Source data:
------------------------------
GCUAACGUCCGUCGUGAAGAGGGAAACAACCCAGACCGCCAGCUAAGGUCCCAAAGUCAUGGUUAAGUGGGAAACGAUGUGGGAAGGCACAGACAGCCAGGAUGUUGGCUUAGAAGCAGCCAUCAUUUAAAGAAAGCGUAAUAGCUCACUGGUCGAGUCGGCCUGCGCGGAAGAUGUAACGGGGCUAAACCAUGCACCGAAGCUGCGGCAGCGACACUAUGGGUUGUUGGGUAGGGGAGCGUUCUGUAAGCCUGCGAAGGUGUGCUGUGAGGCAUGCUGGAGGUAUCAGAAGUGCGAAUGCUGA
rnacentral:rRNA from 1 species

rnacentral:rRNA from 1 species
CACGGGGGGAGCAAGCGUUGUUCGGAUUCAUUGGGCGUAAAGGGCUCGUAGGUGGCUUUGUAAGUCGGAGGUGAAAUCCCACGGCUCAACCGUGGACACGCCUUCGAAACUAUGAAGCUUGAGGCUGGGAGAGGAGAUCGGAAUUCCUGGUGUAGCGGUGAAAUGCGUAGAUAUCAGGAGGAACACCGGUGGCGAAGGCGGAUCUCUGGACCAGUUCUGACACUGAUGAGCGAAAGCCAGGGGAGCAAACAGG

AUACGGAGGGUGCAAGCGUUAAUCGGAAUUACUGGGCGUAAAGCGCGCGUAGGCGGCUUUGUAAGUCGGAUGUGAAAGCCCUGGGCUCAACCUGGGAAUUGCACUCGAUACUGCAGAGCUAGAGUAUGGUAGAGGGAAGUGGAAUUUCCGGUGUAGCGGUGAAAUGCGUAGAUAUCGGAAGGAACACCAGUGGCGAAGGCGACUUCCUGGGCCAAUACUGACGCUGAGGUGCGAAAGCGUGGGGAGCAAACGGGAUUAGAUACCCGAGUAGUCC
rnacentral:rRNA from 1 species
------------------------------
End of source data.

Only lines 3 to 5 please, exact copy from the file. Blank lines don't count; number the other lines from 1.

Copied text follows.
rnacentral:rRNA from 1 species
CACGGGGGGAGCAAGCGUUGUUCGGAUUCAUUGGGCGUAAAGGGCUCGUAGGUGGCUUUGUAAGUCGGAGGUGAAAUCCCACGGCUCAACCGUGGACACGCCUUCGAAACUAUGAAGCUUGAGGCUGGGAGAGGAGAUCGGAAUUCCUGGUGUAGCGGUGAAAUGCGUAGAUAUCAGGAGGAACACCGGUGGCGAAGGCGGAUCUCUGGACCAGUUCUGACACUGAUGAGCGAAAGCCAGGGGAGCAAACAGG

AUACGGAGGGUGCAAGCGUUAAUCGGAAUUACUGGGCGUAAAGCGCGCGUAGGCGGCUUUGUAAGUCGGAUGUGAAAGCCCUGGGCUCAACCUGGGAAUUGCACUCGAUACUGCAGAGCUAGAGUAUGGUAGAGGGAAGUGGAAUUUCCGGUGUAGCGGUGAAAUGCGUAGAUAUCGGAAGGAACACCAGUGGCGAAGGCGACUUCCUGGGCCAAUACUGACGCUGAGGUGCGAAAGCGUGGGGAGCAAACGGGAUUAGAUACCCGAGUAGUCC